At the driver license hearing in this matter, the arresting officer testified under oath that he was properly certified to operate the Intoxylizer machine at the time of the Defendant’s arrest. Unbeknownst to the officer, I had already subpoenaed the officer’s Peace Officer Standards and Training records, which revealed that the officer’s certification to operate the Intoxylizer machine—as required under Utah Administrative Rule 714-500—had lapsed three weeks before the Defendant’s arrest. I pointed this fact out to the hearing officer and showed her the POST training printout clearly indicating that the officer’s certification had expired, and we won the driver license hearing and the Defendant’s license was not suspended. The next day the arresting officer emailed me to thank me for pointing out to him that his certification had expired. Over the next year and a half, we litigated several issues in the case, including a Motion to Suppress the Breath Test result due to the fact that the officer’s certification had lapsed. Despite the fact that there was no dispute that the officer’s certification to operate the Intox machine was expired on the date of the Defendant’s arrest, the Court refused to suppress the breath test. The case finally came before the Court for a Jury Trial on November 19, 2009. At the hearing the officer admitted to the jury that his certification was expired and that he had emailed me to thank me for pointing this out to him; otherwise, he would have continued to do breath tests without proper certification. In closing I argued that police officers must be held to the same standard as other Utah citizens in that they too must follow the law. I further argued that if the jury believed that the officer did not follow the law, it was their duty to impose a consequence, and they should not consider the breath test result—even though the prosecution had established that the machine was functioning and calibrated properly, that the officer had operated the machine correctly, and the test result indicated a BAC of .115. After approximately 90 minutes, the jury returned a verdict of NOT GUILTY on the DUI charge.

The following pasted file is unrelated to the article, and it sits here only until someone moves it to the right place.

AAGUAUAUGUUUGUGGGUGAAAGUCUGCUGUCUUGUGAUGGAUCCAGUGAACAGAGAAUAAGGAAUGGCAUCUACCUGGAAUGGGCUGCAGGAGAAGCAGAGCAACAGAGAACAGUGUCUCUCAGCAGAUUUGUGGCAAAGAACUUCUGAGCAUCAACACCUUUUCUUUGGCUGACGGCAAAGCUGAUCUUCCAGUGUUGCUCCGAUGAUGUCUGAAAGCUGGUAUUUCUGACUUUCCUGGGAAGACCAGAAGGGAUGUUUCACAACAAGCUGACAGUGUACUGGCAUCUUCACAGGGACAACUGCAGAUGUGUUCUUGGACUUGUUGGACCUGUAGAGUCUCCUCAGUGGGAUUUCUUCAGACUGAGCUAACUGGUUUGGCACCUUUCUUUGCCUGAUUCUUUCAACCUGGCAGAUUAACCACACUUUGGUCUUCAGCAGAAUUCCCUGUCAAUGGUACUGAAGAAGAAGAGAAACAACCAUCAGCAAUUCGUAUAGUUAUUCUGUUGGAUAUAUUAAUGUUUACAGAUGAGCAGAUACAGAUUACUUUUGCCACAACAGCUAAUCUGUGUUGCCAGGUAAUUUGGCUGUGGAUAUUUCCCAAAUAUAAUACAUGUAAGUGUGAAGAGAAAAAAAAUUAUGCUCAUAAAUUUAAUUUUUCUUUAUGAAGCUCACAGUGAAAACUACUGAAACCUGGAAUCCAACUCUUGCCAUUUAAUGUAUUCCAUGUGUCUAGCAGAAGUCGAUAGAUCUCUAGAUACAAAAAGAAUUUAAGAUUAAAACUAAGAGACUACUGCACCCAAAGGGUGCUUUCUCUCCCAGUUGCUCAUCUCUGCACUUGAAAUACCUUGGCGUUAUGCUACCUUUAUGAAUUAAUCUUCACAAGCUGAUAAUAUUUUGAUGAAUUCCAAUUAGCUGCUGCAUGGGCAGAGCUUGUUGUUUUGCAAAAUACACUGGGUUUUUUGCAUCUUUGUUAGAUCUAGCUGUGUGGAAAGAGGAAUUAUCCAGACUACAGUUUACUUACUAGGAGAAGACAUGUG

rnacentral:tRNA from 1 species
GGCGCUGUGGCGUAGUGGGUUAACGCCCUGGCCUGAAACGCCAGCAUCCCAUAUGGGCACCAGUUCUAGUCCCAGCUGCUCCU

This goes to show that even police offices are not above the law! And the jury chose to send that message in this case: Officers will be held to the same standard as everyone else!